How do galaxies form?
Dr. Sarah Higdon adopts a multi-wavelength approach, spanning the X-ray through radio portions of the electromagnetic spectrum, to study star formation and the nature of the inter-stellar medium in galaxies, both in the local and distant (early) Universe. These studies address fundamental questions: How do galaxies form? How do they evolve? How do you trigger star formation? How do you quench it?
Remote sensing of coastal habitats
Dr. Christine Hladik’s research applies geospatial methods to map and monitor coastal habitats at the landscape scale. Using remote sensing data, including hyperspectral imagery and light detection and ranging (LIDAR), in combination with geographic information systems (GIS), she has developed salt marsh mapping techniques and salt marsh vegetation correction factors for enhancing LIDAR digital elevation models (DEMs) in marsh environments. In a current project funded by the Georgia Coastal Management Program and in collaboration with Dr. Clark Alexander (Skidaway Institute of Oceanography), these methods are being used to quantify LIDAR-derived DEM errors for salt, brackish and freshwater marshes throughout the six coastal Georgia counties to produce corrected, accurate DEMs and habitat maps. The corrected DEMs will be valuable to management agencies for developing planning and conservation activities, floodplain assessment and management, for better flood modeling, and for predicting the effects of flooding and sea level rise on coastal infrastructure.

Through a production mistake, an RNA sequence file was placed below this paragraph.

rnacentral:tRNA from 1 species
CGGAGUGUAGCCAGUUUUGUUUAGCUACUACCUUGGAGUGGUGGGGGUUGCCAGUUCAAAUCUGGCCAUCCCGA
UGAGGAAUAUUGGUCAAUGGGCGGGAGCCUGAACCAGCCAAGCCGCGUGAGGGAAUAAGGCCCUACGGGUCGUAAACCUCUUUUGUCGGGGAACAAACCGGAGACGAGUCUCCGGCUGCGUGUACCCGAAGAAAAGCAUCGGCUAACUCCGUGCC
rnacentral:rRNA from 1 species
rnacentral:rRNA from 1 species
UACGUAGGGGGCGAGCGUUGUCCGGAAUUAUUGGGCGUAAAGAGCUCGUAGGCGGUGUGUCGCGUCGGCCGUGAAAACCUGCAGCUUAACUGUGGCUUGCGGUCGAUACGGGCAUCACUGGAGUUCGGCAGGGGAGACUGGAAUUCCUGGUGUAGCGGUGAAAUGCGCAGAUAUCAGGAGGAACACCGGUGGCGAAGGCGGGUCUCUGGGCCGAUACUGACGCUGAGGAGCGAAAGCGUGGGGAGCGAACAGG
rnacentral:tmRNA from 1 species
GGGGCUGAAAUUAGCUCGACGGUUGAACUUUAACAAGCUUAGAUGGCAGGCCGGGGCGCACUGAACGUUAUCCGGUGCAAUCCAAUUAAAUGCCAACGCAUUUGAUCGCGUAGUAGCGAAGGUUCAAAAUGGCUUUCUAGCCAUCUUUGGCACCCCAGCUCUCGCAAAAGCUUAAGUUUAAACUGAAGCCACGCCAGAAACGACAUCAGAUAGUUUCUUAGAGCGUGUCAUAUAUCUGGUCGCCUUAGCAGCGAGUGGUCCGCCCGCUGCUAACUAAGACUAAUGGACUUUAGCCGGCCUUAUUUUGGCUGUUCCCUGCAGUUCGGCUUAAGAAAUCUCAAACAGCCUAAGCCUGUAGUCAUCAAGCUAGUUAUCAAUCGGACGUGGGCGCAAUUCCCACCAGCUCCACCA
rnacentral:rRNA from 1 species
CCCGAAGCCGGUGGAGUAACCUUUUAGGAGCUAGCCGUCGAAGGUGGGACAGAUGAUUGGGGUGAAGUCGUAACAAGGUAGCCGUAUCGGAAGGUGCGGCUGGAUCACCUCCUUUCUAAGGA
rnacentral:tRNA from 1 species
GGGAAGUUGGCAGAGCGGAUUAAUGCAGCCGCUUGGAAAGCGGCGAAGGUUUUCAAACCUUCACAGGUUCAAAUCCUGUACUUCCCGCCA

Dr. Enka Lakuriqi studies mirror symmetry that appears naturally in the physics of supersymmetric string theory but has many applications in the world of mathematics where, among other things, it was used to predict the number of rational curves on a quintic threefold. While a lot of progress has been made over the last decade, mirror symmetry is still very mysterious. Enka Lakuriqi focuses on better understanding this duality for families of surfaces known as Enriques and rational elliptic surfaces.